Back to Bethlehem

You’re probably wondering what interest a nineteen year old, atheistic girl has in the town of Bethlehem. I remember doing school plays when I was a young kid and not even imagining that such a place existed. As I got a little older I asked my Dad about it, he said it existed but nobody wants to go, because there is a big war there. I’m not going to go into my personal beliefs on the Israeli/ Palestinian conflict because I could literally type for the rest of my life. Now, at nineteen years old, I’m looking into my third trip to Bethlehem, the town that now seems to me like a second home. I will now enlighten you on how this came to be. In 2013, my mum was watching doing some ironing and watching TV when her ex- boyfriend from when she was seventeen came on, in of all places, Bethlehem. Three years later and bam they’re now happily married (I’ll save you the cheesy details.) My stepdad is part owner of a company called ‘The Christmas Decorators’ who are invited back to Bethlehem every year to decorate the town. In 2014, a few days before he was set to leave, he asked if I wanted to go, I leapt at the opportunity and bunked of sixth form for a week to make it happen. (I don’t feel guilty about this at all, despite their finest efforts.) So I went, had the time of my life, you can read about it properly here. 2015, my stepdad asked me if I wanted to return, I mean of course I did, Bethlehem is my second home. But there was trouble, a lot of trouble, politically driven (obviously), and I didn’t know until about two days before if it was really going to happen.

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I am so happy to say that I returned to Bethlehem in November 2015 and just fell more and more in love with it. We decorated trees in the Bethlehem municipality, Beit Jala and Beit Sahour. We even decorated a tree in the presidential palace which was kind of a disaster because it was too tall and scraped the ceiling. Working in Manger Square is completely magical, even for an atheist like me. We wake up every day in a place that most people can only dream of visiting, birth place of the bloody big JC after all, a religion followed by 30% of the world’s population. The food is incredible, I mean you cannot say you have tried hummus until you have told me you have tried hummus from ‘The Square’ café in manger square. I could literally live off it, I’m pretty sure I demolished a whole plate on my last night. The people are the kindest I’ve ever met; i’m constantly addressed as habibi, which roughly translates from Arabic to ‘my love.’ When I told people at home I was going to Bethlehem they would joke about telling me they would dig my grave. But I have literally never felt more at peace and safe in a country, despite it being full off such trauma. We are treated like royalty from the minute of arrival, they are so grateful for the work we do and this means it never really feels like actual work.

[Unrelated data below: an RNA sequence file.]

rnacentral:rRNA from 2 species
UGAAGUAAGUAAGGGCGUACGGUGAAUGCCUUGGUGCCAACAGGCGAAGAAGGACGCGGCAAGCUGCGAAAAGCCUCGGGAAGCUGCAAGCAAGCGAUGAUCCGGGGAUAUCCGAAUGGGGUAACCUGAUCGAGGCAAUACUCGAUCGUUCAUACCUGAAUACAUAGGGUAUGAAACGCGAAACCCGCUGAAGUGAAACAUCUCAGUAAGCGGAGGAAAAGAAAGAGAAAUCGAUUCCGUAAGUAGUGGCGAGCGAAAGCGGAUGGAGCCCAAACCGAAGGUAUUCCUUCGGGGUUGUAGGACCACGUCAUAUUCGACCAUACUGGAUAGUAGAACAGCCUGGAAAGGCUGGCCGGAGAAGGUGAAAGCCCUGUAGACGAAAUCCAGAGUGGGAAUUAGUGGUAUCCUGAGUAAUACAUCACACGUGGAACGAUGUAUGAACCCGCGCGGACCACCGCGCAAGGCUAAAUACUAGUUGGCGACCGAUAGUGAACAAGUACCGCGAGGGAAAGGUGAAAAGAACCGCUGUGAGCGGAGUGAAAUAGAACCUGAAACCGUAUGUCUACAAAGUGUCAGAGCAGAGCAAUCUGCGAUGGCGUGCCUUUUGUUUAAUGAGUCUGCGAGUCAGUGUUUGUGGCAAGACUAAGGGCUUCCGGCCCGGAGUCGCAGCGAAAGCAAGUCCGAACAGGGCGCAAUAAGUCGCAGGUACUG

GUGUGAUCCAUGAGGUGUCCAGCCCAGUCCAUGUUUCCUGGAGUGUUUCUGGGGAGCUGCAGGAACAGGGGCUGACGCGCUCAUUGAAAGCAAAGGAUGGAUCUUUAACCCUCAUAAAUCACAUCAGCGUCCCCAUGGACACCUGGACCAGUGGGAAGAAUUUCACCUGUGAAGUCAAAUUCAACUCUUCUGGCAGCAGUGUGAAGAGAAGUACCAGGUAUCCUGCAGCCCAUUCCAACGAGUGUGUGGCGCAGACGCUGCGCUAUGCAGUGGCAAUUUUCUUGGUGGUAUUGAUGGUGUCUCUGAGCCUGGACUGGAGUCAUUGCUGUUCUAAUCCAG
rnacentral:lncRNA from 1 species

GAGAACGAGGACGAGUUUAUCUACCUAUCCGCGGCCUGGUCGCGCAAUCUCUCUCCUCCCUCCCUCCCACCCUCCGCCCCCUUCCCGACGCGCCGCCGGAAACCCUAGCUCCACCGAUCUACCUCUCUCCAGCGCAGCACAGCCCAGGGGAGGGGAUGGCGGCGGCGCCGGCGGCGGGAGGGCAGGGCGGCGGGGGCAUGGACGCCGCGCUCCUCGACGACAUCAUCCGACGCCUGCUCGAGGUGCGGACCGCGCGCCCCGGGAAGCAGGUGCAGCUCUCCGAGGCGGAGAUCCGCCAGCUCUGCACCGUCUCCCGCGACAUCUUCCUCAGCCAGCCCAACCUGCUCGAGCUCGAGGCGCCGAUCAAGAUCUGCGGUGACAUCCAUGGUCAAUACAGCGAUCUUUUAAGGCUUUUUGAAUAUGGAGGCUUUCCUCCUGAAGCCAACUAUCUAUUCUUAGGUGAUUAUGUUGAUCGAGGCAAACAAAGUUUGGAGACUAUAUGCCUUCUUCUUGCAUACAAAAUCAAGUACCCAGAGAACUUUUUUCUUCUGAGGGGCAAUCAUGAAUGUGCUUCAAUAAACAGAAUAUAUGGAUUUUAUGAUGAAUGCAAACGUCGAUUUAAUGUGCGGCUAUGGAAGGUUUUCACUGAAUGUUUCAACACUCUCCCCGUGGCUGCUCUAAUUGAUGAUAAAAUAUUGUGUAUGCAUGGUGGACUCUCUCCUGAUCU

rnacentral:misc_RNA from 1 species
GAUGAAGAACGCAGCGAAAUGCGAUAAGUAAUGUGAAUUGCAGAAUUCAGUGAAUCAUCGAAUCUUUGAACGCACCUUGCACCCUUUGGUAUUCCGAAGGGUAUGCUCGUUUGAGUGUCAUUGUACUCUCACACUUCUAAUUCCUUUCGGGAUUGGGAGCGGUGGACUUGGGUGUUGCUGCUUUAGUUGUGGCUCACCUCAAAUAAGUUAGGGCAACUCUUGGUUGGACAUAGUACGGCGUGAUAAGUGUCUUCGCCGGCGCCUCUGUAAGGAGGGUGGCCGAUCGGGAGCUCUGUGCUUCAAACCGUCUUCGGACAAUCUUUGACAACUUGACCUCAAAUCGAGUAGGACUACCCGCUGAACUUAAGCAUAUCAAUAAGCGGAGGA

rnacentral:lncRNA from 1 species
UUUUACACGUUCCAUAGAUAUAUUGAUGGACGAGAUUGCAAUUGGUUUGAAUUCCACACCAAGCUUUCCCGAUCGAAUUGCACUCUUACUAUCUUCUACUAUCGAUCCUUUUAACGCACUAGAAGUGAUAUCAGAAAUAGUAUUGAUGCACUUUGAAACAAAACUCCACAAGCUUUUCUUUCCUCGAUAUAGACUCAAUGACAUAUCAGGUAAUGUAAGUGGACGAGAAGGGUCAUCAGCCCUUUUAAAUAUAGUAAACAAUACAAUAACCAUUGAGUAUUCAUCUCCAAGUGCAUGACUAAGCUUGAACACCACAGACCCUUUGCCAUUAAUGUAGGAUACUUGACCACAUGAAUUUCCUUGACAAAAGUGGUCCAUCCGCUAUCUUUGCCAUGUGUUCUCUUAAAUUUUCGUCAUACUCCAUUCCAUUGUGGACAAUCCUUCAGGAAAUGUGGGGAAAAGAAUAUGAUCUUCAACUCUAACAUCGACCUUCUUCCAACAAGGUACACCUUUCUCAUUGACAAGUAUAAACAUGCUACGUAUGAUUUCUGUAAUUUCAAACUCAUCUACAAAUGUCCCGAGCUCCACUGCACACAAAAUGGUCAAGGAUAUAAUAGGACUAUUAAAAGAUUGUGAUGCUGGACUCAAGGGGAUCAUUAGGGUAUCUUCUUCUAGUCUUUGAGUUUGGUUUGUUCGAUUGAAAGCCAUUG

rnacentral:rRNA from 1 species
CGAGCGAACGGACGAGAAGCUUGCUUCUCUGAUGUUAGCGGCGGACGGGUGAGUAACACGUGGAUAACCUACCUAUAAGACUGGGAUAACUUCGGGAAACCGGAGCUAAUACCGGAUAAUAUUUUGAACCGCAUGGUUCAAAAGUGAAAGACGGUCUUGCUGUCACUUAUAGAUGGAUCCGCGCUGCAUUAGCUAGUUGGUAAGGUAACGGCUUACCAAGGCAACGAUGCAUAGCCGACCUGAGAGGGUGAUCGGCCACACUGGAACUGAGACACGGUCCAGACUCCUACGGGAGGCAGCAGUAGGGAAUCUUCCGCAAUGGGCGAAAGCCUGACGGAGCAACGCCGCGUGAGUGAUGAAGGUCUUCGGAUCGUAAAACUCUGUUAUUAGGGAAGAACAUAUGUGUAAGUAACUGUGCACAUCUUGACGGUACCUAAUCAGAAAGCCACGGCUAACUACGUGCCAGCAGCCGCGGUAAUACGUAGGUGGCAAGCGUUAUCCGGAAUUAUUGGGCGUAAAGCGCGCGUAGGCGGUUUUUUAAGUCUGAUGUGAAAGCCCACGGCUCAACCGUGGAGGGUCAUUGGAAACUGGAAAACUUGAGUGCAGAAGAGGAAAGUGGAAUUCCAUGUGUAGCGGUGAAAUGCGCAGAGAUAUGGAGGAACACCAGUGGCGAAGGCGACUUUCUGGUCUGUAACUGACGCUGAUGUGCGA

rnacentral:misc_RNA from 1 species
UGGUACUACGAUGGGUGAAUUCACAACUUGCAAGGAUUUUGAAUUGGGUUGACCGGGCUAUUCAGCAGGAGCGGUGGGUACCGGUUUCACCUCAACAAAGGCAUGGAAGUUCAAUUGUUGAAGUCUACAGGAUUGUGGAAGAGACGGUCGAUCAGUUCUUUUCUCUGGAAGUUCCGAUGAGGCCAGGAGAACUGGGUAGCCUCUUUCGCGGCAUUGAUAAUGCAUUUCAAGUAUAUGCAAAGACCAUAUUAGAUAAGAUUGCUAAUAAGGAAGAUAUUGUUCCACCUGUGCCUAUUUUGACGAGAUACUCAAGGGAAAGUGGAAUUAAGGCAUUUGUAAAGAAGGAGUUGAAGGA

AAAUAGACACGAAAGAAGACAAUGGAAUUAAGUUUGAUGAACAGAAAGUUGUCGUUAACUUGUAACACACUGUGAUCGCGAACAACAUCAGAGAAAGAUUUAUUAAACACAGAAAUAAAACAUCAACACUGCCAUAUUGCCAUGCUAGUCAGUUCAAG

This year was also super special because I had the most amazing moment imaginable. So I mainly decorate interior which I absolutely love but occasionally I have a tendency to get jealous of the guys decorating the big tree outside because that’s the one everyone gets to marvel at, not just Vera Baboun in her office. Anyway, this year they let me us the cherry picker and took it right up and I could see for literally miles, the most amazing view. At this very moment when I was marvelling at the sight before my eyes I got a text (good signal up there or something) telling me my sister had given birth to my new nephew Michael. It was the most amazing moment you could imagine. I was offered to stay for longer but after the good news I just had to return home to our latest family member.


(this was my view 🙂 )

I cannot wait to return in 2016, but it’s impossible to say that we definitely will. According to foreign travel advice visiting is not recommended, it is declared a high risk terror zone. But when you’re there, it’s truly hard to believe. The situation changes every day, last year it looked as if the Israelis were going to invade and Christmas was not going to be celebrated that year, the same as it had been before 2011. Bringing Christmas to the people of Bethlehem is more than just a job, the joy it brings them, it’s celebrating the legacy of their town, putting Palestine on the map again. But I’m getting political now.  I just wanted to let you all know how wondrous this place really is, a part of my heart is still over there and fingers crossed for 2016.


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